Concentrate on his fear of the diagnosis, too. Most people, probably even you, experience hearing loss at this time in life. It’s a natural process and not a sign of a more serious medical condition.

Discuss about how simple hearing tests are and how much that technology has improved over the last few years. There are hearing aids available the no one can see, ones that work with phones even hearing products that look like Bluetooth devices. No one would have to know he was wearing a hearing aid or he can use it to impress his friends and family his mad tech skills.

The most important thing is to let him know he is not alone in this struggle. Offer to get a hearing test of your own and to accompany him to all his appointments. Just having you there by his side may be all it takes to get him on the right track.





Tinnitus is More Than Just Racket In Your Head

By: Audiology Associates of Westchester : June 8, 2017

Woman holding her ear in pain from tinnitus

Do you hear that ringing in your ears and wonder where it comes from? You’re not alone. It is estimated by the Hearing Health Foundation that 20 percent of Americans hear that same ringing sound, or ones similar to it, each day. Only around 16 percent of those with tinnitus will discuss the problem with a physician even though it disrupts their lives. Of that 20 percent, 90 percent of them also live with hearing loss even if they realize it. It is a growing concern throughout the country, but what does all the noise mean?

About Tinnitus?

Tinnitus is the medical name for the phantom sound in your ears. There is no one source for this noise – it’s actually a symptom of another problem, one usually associated with loss of hearing.

Tinnitus is more of a sensation than an actual sound, too. This is why no one else hears the noise that’s keeping you awake at night. There are no sound waves causes this phenomenon, instead, it relates directly to tiny hairs inside the inner ear that produce an electrical signal telling the brain there is a sound. These cells are misfiring, sending random electrical impulses not based on any true noise.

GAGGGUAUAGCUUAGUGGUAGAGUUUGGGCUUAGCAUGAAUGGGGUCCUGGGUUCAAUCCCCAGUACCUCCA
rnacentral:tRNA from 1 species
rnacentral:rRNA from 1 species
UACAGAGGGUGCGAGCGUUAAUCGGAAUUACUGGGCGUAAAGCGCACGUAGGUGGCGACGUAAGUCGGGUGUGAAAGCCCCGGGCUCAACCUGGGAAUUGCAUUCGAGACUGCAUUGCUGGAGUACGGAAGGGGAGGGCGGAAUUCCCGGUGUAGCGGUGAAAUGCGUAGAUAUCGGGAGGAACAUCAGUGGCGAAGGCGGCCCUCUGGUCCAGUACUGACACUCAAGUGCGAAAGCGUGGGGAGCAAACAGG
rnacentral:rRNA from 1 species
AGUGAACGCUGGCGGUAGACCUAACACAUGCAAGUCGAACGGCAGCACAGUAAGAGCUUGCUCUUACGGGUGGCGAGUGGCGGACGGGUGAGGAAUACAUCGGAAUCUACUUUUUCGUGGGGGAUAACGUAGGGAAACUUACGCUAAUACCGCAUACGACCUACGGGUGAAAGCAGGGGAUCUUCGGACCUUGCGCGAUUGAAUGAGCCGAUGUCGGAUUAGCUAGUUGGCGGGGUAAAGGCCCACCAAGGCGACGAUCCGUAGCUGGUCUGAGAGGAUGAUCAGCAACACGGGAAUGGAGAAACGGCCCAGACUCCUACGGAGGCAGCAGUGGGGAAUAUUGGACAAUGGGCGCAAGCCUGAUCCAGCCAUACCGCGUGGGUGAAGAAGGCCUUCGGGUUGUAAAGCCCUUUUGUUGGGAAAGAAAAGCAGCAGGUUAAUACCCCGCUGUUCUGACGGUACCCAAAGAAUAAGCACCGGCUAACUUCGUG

There is More to Tinnitus Than Just Ringing

Tinnitus is usually described as a high-pitched ringing, but not everyone hears the same thing. Some report:

  • Buzzing
  • Roaring
  • Clicking
  • Hissing

Others say it sounds like you are pressing your ear up against a seashell to hear the waves. The diversity of sounds is one thing that makes this condition confusing, especially for some who fails to get medical treatment or a hearing test.

What Causes Tinnitus?

Tinnitus is simply a mechanical breakdown of a critical part of the human ear but what is behind this breakdown? For most people, the answer is presbycusis, a form of hearing loss related to aging. Presbycusis is degenerative, so it tends to get worse as the person gets older. Other potential illnesses that present with tinnitus include:

  • Loud sounds – It might be a one-time bang or something that is a day to day problem like machinery, earphones or exposure to loud music
  • A build up of earwax – Earwax in the ear canal block sound waves interfering with your hearing
  • Ear bone growth – This is a genetic problem that changes the bones in the ear

There are other possibilities, although they are rare, such as Ménière’s disease, which refers to increased pressure inside the ear. Jaw problems may be a source of the ringing, as well. For some, the noise is a consequence of a head injury that damaged the nerves in the ear. It might also be a sign of high blood pressure, a rare tumor in the ear or a side effect of a medication.

What Can You Do About Tinnitus?